How WoW Raiding Made Me A Better Dev


I was reflecting back on some of my previous World of Warcraft experiences (and friends) and how they made me a better software developer. Raiding takes teamwork, dedication, and patience, just like any job does. Except you don’t get paid.

Criticism sucks, but it’s a good way to learn.

No one likes to be told they are doing something wrong. Me included. I would always look at the logs of the characters performing better than me, find them, and ask them how I could improve. I do the same as a software developer. Other people will tell you to make changes and improvements to your code (cough braces go on a new line people cough). I’ve learned to not take it personally, think carefully about what is being told to me, and evaluate if I want to make that change.

Asking others pays off.

Own up to your mistakes.

After a wipe (when we all die and the boss doesn’t), generally the raid leader will ask who messed up. Raid members will explain what they did wrong. It’s really uncomfortable to admit to 25+ other people that you didn’t push a button at the right time. But, the more you do it the less uncomfortable it gets. I’ve carried that over to all of my projects. If I made a mistake, it’s easier to just go tell my team, fix it, and learn not to do it again. It happens to all of us.

What was I thinking?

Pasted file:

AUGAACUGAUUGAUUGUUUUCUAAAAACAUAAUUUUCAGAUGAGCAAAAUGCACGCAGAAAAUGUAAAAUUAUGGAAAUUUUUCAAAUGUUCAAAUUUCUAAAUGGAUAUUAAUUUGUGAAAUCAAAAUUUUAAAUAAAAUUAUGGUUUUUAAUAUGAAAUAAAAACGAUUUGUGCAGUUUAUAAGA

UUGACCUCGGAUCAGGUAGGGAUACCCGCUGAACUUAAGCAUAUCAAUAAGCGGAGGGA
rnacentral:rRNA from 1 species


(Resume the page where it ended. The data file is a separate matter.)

Determination makes the difference between being the one of the best or one of the rest.

When people would ask me how our guild got our boss kills, I always told them that it was because we didn’t give up. I remember it taking somewhere around 86 different tries to kill a boss. That’s 85 times of not doing it right in some way. Each time, we would assess our mistakes and try to do better. The same goes for Software Development. If it didn’t do what I wanted the first time, I keep on assessing what the problem is and make changes to fix it.

Completing a difficult challenge with friends is satisfying.

Finishing a project with a team feels as good as killing a raid boss does. Finishing Microverse and reaching the end of our semester progress on Espere’s Journey was a very proud moment. It made me as proud as when my guild killed a raid boss and we could brag to our friends that we finally did it. Being able to show off a completed project is even more rewarding.

Even though a lot of people will claim raiding in World of Warcraft is a waste of time, it was time well spent. The relationships I have made and the skills I have learned in game are just as useful in life.

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